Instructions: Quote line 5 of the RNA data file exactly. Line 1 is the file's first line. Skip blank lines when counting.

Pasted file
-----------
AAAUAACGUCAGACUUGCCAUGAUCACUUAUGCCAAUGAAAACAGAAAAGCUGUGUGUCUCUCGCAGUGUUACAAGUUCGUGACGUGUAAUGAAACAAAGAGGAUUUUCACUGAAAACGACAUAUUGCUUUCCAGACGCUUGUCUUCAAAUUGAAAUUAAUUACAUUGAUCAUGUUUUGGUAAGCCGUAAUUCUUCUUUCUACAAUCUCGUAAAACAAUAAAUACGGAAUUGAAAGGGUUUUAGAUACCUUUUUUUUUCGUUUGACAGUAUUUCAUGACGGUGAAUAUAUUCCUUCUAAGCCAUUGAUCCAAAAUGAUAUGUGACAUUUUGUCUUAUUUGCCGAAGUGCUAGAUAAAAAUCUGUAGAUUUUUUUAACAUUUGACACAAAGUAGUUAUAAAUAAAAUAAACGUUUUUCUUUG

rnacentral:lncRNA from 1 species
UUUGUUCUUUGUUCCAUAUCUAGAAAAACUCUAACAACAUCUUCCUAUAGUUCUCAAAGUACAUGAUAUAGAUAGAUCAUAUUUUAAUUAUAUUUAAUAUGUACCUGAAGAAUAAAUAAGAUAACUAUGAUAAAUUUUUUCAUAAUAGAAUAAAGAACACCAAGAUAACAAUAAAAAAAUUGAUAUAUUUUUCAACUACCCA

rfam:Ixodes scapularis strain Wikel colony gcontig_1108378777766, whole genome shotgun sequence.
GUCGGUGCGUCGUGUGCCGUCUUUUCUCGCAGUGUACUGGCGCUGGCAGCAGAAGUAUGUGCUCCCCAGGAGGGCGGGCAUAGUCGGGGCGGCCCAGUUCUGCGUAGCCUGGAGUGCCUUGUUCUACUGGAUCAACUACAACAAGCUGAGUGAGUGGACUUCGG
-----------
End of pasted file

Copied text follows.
GUCGGUGCGUCGUGUGCCGUCUUUUCUCGCAGUGUACUGGCGCUGGCAGCAGAAGUAUGUGCUCCCCAGGAGGGCGGGCAUAGUCGGGGCGGCCCAGUUCUGCGUAGCCUGGAGUGCCUUGUUCUACUGGAUCAACUACAACAAGCUGAGUGAGUGGACUUCGG